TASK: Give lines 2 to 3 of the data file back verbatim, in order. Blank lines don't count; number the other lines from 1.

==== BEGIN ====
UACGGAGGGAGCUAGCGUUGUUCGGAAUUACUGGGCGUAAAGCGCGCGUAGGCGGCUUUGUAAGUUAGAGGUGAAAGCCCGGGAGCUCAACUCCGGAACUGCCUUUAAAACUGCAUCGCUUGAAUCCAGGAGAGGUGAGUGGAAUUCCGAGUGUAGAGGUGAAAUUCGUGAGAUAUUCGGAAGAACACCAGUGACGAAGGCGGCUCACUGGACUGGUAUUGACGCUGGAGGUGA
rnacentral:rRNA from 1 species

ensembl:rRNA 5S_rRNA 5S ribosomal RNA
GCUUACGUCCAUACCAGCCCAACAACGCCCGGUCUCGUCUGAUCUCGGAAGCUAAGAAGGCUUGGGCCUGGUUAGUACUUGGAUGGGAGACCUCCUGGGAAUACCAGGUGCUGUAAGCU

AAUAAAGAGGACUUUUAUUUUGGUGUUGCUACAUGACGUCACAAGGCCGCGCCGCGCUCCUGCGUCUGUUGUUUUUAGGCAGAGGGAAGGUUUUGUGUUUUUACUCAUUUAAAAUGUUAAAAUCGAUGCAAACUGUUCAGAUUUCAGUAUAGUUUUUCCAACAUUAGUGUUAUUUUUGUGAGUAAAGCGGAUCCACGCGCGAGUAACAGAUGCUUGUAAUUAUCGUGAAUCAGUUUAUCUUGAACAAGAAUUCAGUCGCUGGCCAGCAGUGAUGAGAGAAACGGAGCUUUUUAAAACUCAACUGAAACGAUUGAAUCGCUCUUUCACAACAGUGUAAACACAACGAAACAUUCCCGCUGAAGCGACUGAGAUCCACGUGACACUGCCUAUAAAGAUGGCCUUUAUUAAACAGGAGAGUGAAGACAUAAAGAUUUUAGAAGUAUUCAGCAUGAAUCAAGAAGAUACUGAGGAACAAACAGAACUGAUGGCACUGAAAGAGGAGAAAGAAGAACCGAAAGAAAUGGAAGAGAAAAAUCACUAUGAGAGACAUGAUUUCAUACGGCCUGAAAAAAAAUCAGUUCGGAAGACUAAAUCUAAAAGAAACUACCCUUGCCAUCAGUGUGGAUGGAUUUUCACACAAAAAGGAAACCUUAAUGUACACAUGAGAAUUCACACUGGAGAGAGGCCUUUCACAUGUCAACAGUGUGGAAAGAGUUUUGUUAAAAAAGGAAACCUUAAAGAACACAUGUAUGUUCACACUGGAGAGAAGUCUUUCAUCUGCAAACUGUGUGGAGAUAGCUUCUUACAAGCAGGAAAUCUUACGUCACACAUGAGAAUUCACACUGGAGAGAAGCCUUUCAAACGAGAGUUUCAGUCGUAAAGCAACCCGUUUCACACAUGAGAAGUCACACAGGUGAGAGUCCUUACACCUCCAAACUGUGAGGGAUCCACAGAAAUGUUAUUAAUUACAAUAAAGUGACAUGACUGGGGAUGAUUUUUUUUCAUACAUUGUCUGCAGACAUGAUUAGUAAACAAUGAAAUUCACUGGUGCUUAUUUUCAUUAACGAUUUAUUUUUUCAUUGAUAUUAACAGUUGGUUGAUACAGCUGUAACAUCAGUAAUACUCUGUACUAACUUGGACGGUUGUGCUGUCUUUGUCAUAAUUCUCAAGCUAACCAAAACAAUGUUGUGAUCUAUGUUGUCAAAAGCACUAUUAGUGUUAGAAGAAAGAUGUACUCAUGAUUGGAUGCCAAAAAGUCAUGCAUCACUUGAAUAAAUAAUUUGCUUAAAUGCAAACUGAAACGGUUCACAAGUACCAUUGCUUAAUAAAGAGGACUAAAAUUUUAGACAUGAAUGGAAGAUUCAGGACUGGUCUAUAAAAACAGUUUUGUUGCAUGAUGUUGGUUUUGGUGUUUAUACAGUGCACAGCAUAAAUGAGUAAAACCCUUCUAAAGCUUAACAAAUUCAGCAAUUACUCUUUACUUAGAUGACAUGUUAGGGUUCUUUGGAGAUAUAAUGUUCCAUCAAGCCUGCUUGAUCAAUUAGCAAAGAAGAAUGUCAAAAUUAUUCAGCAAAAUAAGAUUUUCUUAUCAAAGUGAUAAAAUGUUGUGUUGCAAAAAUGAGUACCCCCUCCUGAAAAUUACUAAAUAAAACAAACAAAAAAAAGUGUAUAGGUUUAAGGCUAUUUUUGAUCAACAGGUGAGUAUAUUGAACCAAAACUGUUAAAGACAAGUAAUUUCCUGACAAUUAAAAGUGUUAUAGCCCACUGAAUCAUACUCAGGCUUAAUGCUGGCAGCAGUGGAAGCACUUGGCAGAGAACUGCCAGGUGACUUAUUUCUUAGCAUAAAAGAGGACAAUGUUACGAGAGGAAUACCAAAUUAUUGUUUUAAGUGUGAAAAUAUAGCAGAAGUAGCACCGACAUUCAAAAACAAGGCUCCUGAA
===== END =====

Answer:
rnacentral:rRNA from 1 species

ensembl:rRNA 5S_rRNA 5S ribosomal RNA